Dark Sky Paradise explores Big Sean's life from the top

Posted by Alain Pierre-Lys on February 26, 2015 · 6 mins read

_Dark Sky Paradise _brings out Big Sean’s best qualities and verses.

Coming off Hall of Fame, Big Sean did nothing to move from the G.O.O.D. Music on deck circle. It was a lukewarm release that left fans wanting just a little bit more. This was mainly due to the release of Detroit, the highly successful mix-tape that was used as a lead-up to Hall of Fame. _What fans loved about _Detroit was its combination of sincerity and charisma. Dark Sky Paradise captures that energy again.

From the first track, “Dark Sky (Skyscrapers),” we’re given an insight into the album’s thesis: he charcoal black production sets the tone for an introspective look into Big Sean’s life. His father, his relationships and his status are growing to be bigger influences on his life at this juncture — instead, of you know, big asses — and he’s no longer afraid to share that with listeners. “I done had a Roley longer than I had relationships / I’m embarrassed to say that shit.” Big Sean approaches Dark Sky Paradise with the candor fans respect and have come to expect.

Dark Sky Paradise can be split perfectly into two, six-song acts. The first being the attention grabber. Singles “I Don’t Fuck With You” and “Paradise” were released in early fall of 2014 when Big Sean switched his management to Roc Nation and were considered gems at the time. But their popularity clearly spoke to the power of association — Kanye West is the executive producer of Dark Sky Paradise, and IDFWY features another smash hit beat/sample from the Hall of Famer. “Paradise” is an extended version which features another word play ridden verse that does not disappoint and “I Don’t Fuck With You,” which is assumed to be about Big Sean’s relationship with Naya Rivers, enjoyed a long run on the Billboard charts and was a no-brainer as an inclusion.

The third single “Blessings,” which features Drake, another powerful association, and West, details Big Sean and Drake’s appreciation of their success and status, a radio success since it’s release.


The rest of the first half is crafted just as well as the singles. “All Your Fault” is another classic Big Sean and West collaboration for the annals of G.O.O.D. Music. West undeniably steals the show with his verse, which includes a Walt Disney reference, a Tom Cruise reference and mentions the injustices surrounding the Eric Garner murder. “Play No Games,” is a perfectly mellow track that shows off Big Sean’s romantic side put to a sample of new jack R&B group Guy.

[caption id=”attachment_2607” align=”alignright” width=”640”]Big Sean (Photo provided by Dante Marshall of dantemarshall.com/) Big Sean (Photo provided by Dante Marshall of dantemarshall.com/)[/caption]

The second half of the album switches up, and is Big Sean taking a strong stab at the sincerity that has been missing from much of his previous accomplishments. “Win Some Lose Some” is one of the most raw looks at himself that Big Sean has released to date. The chorus features uncredited vocals from Jhene Aiko (credited on the album elsewhere) and the song’s outro is handled by Big Sean’s father, who is caught in a candid conversation and tells Big Sean what his fans already knew, “That’s why people love you Sean, because you talk to them from your heart.”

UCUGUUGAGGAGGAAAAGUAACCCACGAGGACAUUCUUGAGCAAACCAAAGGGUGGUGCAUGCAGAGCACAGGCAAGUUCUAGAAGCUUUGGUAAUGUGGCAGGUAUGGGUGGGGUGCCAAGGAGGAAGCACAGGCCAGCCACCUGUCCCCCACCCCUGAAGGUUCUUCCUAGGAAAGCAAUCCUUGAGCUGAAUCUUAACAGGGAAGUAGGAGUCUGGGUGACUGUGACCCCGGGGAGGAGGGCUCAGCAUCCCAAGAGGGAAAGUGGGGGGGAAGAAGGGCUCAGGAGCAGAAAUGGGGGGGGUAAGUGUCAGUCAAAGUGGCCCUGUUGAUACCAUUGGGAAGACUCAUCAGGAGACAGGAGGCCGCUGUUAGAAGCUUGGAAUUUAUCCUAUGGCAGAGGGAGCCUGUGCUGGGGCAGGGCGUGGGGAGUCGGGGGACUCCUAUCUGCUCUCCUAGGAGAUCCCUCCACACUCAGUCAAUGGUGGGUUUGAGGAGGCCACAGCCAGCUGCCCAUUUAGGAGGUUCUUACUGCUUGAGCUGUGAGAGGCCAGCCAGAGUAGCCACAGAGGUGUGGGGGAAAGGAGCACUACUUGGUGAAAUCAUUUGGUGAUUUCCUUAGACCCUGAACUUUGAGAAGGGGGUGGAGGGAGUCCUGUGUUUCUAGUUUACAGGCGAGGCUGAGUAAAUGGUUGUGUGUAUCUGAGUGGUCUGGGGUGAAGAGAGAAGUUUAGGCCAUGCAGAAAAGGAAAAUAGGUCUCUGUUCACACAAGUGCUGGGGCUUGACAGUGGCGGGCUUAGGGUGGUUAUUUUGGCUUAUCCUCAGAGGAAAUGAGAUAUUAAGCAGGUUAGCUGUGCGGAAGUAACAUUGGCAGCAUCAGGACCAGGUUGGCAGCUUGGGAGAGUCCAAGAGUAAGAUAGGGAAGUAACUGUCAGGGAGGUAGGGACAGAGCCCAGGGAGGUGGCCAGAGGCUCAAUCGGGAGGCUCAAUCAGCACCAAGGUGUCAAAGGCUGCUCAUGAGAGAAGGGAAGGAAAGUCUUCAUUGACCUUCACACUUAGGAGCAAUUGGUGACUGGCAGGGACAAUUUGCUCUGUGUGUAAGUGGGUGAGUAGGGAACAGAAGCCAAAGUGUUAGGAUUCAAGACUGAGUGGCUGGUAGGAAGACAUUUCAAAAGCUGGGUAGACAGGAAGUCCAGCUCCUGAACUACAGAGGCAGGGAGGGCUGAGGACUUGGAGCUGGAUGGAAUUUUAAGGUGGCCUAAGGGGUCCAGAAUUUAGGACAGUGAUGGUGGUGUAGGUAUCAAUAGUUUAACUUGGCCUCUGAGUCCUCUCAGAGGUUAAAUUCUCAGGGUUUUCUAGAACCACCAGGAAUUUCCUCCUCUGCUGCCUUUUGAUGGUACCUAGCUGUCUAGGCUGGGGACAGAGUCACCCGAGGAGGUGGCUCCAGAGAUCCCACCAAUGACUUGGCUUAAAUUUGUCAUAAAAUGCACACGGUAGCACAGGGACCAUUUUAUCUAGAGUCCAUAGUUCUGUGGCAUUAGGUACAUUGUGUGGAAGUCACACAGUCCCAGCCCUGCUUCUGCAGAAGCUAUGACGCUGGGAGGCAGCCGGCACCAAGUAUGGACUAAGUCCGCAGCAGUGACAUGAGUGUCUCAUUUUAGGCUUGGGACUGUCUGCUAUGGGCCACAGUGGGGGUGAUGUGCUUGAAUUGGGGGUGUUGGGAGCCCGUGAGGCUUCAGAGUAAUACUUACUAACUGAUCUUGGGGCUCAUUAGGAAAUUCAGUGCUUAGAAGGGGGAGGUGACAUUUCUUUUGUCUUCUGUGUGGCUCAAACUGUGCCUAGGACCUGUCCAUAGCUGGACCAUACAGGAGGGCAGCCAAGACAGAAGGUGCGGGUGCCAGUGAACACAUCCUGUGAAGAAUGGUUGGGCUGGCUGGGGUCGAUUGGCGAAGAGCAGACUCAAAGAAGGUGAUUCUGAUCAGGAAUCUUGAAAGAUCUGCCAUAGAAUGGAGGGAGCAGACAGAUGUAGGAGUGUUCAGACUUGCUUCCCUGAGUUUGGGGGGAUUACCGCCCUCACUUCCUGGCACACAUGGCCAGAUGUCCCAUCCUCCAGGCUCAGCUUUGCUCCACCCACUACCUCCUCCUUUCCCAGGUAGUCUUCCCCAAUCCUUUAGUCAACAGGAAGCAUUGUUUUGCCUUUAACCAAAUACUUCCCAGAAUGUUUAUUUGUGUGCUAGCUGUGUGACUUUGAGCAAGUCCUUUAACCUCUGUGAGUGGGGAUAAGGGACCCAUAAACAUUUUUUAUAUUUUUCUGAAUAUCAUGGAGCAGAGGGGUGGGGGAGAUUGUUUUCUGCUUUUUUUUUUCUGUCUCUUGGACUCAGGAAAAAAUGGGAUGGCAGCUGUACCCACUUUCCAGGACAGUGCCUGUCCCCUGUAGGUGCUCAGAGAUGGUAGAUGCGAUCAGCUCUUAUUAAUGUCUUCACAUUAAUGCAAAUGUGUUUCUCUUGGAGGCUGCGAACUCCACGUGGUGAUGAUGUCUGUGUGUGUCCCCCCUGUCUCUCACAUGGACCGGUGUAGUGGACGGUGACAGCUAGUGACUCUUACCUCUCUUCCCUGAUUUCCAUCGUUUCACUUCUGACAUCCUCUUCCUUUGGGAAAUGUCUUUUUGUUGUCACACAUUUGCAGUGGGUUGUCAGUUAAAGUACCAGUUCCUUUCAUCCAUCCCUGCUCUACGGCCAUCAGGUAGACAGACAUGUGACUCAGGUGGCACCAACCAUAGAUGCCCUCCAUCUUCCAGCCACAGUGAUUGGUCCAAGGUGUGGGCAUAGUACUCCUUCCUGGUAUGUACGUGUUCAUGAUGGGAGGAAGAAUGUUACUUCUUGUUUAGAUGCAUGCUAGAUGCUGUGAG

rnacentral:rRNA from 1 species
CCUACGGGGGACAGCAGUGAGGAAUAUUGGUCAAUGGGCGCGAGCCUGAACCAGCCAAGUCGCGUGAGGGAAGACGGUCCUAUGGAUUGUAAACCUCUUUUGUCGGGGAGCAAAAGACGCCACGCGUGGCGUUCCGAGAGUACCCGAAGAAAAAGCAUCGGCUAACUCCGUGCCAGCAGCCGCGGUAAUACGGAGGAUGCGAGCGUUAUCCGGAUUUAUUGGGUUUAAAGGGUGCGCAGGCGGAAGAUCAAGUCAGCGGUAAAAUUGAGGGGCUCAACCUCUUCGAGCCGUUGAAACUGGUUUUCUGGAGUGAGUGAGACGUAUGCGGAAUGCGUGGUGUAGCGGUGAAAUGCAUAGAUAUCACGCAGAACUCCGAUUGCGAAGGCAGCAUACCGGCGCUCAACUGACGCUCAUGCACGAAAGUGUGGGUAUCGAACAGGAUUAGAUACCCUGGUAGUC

“Stay Down” is Big Sean’s obligatory crew cut. The song doesn’t stand out among others but it does continue one of the major themes of the album, his roots and his origins. Featuring a pretty slick use of wordplay, this track is for exactly what he’s rapping about, those who stay down through hard times. “I Know” is where we find the aforementioned Aiko collaboration; this track is an interesting take on a hard relationship told from the views of both parties with Sean and Aiko playing the roles.

“Deep” brings Lil Wayne back for a second album collaboration in a row, and it’s a standout. Big Sean addresses his concerns with being underrated and these sentiments are bolstered by Lil Wayne. “I feel like Sean don’t get enough Shine/ Is it because he ain’t got the tattoos? He ain’t throwin’ up signs.” (Take that hip-hop neophytes with your incredulous Lil Wayne sucks arguments). Big Sean is respected and appreciated and with a closer look, he’s certainly underrated. Perhaps it’s the combination of his clean image and his positive attitude. Could a mainstream artist that was responsible for elevating Flo-Rida to prominence have questionable judge of character?

“One Man Can Change the World” is Big Sean’s heartfelt dedication to his grandmother who passed away in late 2014. The song features West and John Legend, who both take turns performing the chorus. The features are a perfect touch on a song like this. Sean, Legend and West — three long-tenured G.O.O.D. Music artists — all add their personal flair to the chorus. The song is the full package, perfect minimal production and features that only add to the honesty of the work.

_Dark Sky Paradise _isn’t Big Sean’s masterpiece, and at 12 tracks and roughly 50 minutes it’s on the shorter end (but that’s to be expected when Kanye West is your executive producer). The deluxe version features three new songs including features from PARTNEXTDOOR and Big’s boo Ariana Grande. The songs aren’t mind blowing but as a whole they’re worth a listen. Big Sean should count this as another successful release and another step forward in the right direction. He’s raised the bar with each album so far and as a G.O.O.D. Music artist, he continues to build and utilize his unlimited number of resources.